The United States Patent and Trademark Office has strict guidelines regarding trademark registration. Critically, there are certain marks — or portions of marks — that cannot be registered because they are not sufficiently distinct. These are marks containing words or designs that are merely descriptive, generic, laudatory, or informational. However, if your trademark contains a word or symbol that does not qualify for protection, you may be able to disclaim that specific component of the overall mark.
A disclaimer is a statement that can be included in a trademark application to indicate you are not seeking exclusive rights to the element of your mark that is un-registrable. For instance, if your company sells hats, it would be denied a trademark on the word “hat” because it merely sets forth a generic description of the goods. But if the mark also contained the company name before the word “hat,” that portion of the mark could be registered (provided it meets the necessary criteria), while the generic word could be disclaimed.
A disclaimer does not affect the appearance of your mark or the way in which it can be used. Specifically, a trademark disclaimer allows an applicant to secure proprietary rights to the distinct portion of the mark, while leaving the descriptive part of the mark open to public use. In other words, by submitting a disclaimer statement, the applicant indicates that they do not have the exclusive right to use that element of the mark when it stands on its own. Rather, the trademark rights exist only in the composite mark.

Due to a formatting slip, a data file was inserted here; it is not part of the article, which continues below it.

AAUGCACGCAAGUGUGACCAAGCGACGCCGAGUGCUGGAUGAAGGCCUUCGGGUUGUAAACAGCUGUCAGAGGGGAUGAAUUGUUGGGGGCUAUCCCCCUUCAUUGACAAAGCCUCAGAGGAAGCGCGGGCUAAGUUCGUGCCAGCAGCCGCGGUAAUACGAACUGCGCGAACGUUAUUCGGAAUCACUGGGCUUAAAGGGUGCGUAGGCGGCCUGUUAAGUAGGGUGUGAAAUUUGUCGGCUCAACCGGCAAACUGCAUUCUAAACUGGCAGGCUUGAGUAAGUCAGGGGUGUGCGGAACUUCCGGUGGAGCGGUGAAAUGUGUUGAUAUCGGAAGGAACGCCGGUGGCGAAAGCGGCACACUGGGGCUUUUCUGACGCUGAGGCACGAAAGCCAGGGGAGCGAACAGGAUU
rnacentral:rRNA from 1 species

A trademark disclaimer is required when the words or designs in a mark must be used by other businesses and individuals to describe their goods or services. These statements prevent companies from suing others for trademark infringement over words or symbols that might be necessary for them to use in marketing their products. A few examples of marks that require a disclaimer might include words such as “coffee,” “pizza,” or “shirt.”
Situations in which parts of a mark are unregistrable and require a disclaimer include the following:
Misspelled versions of words, descriptive or generic foreign words, and compressed compound words that are unregistrable must also be disclaimed. However, if you can show that your trademark is “unitary,” a disclaimer may or may not be required. Unitary words or designs are those that create a commercial impression separate and distinct from any component that would otherwise be unregistrable. Trademark disclaimers can also be avoided if only unique or fanciful words are used in a mark.
A trademark disclaimer can be included with the original trademark application to the USPTO. Importantly, if it is not submitted at the time of filing, a disclaimer can also be provided by an amendment if required by the examining attorney. If an office action is issued requesting a disclaimer, the USPTO may refuse to register your entire mark if you fail to provide one. In the event a disclaimer was submitted by mistake and would not be required by the USPTO, it may be withdrawn.